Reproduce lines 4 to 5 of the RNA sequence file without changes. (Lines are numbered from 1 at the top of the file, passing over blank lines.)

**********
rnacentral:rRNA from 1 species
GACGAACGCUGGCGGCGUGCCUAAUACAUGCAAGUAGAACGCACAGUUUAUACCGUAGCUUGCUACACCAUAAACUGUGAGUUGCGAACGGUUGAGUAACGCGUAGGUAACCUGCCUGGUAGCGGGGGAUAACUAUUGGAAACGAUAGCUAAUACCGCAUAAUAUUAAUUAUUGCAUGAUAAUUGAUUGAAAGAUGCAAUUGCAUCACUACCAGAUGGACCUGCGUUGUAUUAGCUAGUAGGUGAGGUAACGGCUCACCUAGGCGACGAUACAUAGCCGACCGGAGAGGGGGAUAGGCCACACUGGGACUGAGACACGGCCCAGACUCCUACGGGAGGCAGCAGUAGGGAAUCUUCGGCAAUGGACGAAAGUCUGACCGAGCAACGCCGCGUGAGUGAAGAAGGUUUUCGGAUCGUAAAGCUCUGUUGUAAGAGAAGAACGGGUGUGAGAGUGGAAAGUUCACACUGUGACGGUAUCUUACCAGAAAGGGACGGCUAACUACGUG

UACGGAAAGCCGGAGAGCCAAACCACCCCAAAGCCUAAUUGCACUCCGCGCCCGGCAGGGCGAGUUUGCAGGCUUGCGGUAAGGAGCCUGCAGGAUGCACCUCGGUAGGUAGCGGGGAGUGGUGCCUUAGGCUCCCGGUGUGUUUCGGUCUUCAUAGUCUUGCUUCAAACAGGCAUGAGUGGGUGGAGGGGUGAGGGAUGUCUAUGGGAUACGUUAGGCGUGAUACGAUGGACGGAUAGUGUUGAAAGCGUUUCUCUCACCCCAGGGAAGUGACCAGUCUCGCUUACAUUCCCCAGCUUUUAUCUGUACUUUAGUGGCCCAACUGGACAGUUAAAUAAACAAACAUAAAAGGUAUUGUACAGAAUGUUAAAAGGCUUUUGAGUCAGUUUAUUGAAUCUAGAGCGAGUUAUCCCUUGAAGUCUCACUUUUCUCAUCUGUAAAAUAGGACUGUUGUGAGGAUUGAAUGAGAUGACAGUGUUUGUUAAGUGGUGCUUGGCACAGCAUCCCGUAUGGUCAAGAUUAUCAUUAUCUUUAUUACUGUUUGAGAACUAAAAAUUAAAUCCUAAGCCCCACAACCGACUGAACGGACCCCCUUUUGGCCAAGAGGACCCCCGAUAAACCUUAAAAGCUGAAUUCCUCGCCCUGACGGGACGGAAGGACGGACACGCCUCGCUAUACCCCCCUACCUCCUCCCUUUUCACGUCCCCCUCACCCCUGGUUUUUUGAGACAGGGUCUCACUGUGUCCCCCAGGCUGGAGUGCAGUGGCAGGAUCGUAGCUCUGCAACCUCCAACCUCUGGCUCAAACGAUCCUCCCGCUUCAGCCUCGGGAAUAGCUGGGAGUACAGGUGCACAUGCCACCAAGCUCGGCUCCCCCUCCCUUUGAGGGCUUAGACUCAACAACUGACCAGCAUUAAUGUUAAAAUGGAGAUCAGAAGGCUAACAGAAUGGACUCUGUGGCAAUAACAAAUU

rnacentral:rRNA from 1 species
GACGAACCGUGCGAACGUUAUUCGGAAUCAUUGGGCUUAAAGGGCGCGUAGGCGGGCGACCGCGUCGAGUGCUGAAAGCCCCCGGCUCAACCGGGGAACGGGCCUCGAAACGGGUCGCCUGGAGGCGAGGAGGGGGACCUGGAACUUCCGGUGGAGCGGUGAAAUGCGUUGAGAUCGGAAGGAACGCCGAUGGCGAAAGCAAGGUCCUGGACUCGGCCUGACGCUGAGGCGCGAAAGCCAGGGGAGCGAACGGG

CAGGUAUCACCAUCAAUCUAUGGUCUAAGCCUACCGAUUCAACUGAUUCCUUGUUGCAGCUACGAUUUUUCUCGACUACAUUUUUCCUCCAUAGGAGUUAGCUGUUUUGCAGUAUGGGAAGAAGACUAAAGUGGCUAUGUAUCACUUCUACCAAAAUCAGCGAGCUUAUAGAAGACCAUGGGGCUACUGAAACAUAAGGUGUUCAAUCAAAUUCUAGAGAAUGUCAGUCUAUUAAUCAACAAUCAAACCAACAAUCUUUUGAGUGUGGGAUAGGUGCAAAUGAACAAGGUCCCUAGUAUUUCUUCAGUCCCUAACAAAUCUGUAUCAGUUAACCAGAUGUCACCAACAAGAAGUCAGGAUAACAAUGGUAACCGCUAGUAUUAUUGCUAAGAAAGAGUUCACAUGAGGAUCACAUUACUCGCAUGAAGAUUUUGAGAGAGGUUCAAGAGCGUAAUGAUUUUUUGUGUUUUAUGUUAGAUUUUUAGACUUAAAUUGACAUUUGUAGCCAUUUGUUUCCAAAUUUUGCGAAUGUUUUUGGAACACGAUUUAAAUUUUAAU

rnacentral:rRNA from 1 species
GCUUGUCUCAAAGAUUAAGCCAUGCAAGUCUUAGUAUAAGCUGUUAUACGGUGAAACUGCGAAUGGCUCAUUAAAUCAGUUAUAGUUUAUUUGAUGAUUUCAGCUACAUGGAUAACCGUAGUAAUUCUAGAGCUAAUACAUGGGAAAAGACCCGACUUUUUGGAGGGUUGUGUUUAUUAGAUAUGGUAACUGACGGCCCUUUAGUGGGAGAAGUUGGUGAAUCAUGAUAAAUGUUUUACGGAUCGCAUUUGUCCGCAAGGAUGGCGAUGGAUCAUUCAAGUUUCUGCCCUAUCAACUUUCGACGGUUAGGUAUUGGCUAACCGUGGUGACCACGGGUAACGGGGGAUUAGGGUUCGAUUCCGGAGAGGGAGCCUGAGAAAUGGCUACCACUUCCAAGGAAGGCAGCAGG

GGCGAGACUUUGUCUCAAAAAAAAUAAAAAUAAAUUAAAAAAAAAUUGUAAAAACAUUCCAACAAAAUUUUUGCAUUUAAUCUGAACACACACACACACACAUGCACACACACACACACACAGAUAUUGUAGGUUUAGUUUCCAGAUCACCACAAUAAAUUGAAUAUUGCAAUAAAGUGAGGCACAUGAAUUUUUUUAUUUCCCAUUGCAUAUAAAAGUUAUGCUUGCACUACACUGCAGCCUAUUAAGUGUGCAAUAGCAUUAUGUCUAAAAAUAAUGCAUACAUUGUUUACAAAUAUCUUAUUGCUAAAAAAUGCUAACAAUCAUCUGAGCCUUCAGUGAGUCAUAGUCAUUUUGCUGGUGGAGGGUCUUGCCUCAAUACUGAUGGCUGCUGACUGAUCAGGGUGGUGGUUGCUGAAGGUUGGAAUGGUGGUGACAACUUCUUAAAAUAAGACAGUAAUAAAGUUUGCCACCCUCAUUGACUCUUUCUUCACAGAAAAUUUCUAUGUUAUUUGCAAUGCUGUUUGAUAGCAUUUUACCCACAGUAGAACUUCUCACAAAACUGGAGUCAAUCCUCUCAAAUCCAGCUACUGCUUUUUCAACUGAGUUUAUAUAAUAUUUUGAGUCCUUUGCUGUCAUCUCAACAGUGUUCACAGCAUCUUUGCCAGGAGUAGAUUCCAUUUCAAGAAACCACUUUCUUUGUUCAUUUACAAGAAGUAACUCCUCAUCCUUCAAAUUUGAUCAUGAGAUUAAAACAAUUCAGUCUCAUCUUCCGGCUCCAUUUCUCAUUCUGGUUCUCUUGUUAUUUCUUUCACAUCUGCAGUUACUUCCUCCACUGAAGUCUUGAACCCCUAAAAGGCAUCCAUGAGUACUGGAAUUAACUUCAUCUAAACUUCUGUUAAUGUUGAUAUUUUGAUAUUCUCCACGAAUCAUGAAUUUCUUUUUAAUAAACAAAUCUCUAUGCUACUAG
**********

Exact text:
rnacentral:rRNA from 1 species
GACGAACCGUGCGAACGUUAUUCGGAAUCAUUGGGCUUAAAGGGCGCGUAGGCGGGCGACCGCGUCGAGUGCUGAAAGCCCCCGGCUCAACCGGGGAACGGGCCUCGAAACGGGUCGCCUGGAGGCGAGGAGGGGGACCUGGAACUUCCGGUGGAGCGGUGAAAUGCGUUGAGAUCGGAAGGAACGCCGAUGGCGAAAGCAAGGUCCUGGACUCGGCCUGACGCUGAGGCGCGAAAGCCAGGGGAGCGAACGGG